All About Marigolds
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The North American garden-variety marigold (Tagetes erecta) is one of the easiest flowers to grow. You can literally scrape away a bit of soil, throw the seeds in, water, and watch the plants grow. Not only that, they bloom continuously during the growing season-and some slightly beyond, even tolerating the occasional frost. They prefer full sun and well drained normal to dry soil conditions.
Marigolds in the Garden
Some species grow as tall as 3 feet, while others such as French marigolds are as small as 5 to 6 inches in height. French marigolds (T. patula) have large showy flowerheads and work nicely as edging plants for flowerbeds, planted in pots around the terrace, or planted in masses as accents at entranceways. Marigolds also look wonderful in window box planters. Sometimes marigolds are planted amongst vegetables in the garden to keep pest nematodes at bay.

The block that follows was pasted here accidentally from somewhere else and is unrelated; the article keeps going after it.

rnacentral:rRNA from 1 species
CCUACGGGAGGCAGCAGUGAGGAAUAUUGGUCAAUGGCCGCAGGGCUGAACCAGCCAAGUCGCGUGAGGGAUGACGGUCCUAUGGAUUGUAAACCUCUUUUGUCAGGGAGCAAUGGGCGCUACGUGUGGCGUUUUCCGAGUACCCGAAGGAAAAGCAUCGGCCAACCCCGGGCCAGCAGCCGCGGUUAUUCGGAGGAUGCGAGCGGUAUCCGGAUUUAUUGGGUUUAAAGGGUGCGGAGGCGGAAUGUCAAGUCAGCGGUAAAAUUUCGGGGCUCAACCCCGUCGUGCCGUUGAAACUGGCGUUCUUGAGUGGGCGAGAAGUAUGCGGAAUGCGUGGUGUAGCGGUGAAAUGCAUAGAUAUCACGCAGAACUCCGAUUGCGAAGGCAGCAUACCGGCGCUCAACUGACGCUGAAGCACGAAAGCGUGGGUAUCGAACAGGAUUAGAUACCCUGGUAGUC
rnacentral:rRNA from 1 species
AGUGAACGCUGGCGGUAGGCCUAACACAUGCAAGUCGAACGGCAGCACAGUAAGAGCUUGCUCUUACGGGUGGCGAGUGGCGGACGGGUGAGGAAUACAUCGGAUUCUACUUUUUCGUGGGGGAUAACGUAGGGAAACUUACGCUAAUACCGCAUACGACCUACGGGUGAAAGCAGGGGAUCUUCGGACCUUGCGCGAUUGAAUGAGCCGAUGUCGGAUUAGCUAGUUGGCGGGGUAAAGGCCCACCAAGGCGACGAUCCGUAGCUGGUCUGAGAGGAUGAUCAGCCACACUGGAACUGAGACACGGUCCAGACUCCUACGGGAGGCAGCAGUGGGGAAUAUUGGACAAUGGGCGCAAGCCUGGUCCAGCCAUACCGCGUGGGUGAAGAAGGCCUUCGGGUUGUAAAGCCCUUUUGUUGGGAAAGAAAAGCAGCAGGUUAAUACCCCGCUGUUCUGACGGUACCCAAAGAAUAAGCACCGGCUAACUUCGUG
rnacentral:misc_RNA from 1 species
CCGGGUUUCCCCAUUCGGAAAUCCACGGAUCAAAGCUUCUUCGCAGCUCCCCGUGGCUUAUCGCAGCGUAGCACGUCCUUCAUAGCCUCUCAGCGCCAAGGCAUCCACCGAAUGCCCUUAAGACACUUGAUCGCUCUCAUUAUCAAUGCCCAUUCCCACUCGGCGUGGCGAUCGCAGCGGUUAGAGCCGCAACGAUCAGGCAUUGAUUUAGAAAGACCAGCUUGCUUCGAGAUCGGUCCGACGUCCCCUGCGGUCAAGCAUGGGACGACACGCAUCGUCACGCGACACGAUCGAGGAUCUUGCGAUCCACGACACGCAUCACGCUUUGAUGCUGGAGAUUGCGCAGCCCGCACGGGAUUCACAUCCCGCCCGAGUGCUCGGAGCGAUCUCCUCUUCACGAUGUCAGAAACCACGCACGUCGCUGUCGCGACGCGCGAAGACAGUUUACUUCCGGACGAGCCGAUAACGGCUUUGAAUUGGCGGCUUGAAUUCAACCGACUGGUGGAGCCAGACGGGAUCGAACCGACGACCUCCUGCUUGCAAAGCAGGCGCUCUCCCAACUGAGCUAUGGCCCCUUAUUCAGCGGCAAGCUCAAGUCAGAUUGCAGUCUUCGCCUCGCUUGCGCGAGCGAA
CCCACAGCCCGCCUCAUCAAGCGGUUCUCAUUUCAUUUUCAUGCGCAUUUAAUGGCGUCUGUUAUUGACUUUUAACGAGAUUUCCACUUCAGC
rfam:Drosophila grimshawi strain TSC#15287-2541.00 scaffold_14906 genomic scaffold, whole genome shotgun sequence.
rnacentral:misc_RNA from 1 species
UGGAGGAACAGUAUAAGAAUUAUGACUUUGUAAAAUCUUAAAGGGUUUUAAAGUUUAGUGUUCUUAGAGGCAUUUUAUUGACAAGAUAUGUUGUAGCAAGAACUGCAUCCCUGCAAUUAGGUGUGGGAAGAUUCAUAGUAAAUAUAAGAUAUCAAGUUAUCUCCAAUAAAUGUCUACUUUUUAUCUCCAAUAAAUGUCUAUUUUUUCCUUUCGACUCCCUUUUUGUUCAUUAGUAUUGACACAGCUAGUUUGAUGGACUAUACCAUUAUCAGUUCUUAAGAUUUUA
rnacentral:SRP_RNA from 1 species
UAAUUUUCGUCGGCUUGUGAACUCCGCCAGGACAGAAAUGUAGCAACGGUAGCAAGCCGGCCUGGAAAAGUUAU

Marigolds are members of the Aster family and are characterized by their multi-petaled flowerheads in various shades of yellow, gold, and orange to red. Marigolds have a distinct odor, which is disagreeable to some. However, they make nice tidy compact bouquets and are wonderful bright colored accents in bouquets of mixed flowers. They can also be dried and retain their color fairly well.
Marigolds are often confused with other flowers with the same common name but of entirely different species. Pot Marigold (Calendula officinalis), native to the Mediterranean or the Marsh Marigold (Caltha palustris), a member of the Buttercup family for example. Garden variety marigolds are native to Mexico and Central America.
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The 'lemon gem' (pictured above) and 'tangerine gem' cultivars of Tagetes tenuifolia are two types of marigolds that are edible and the petals used as garnishes for food and drink (pot marigold is also edible, but is a different species than the garden-variety marigold discussed here). The petals can be made into marigold wine as well. All in all marigolds are quite versatile and a much deserved addition to the garden.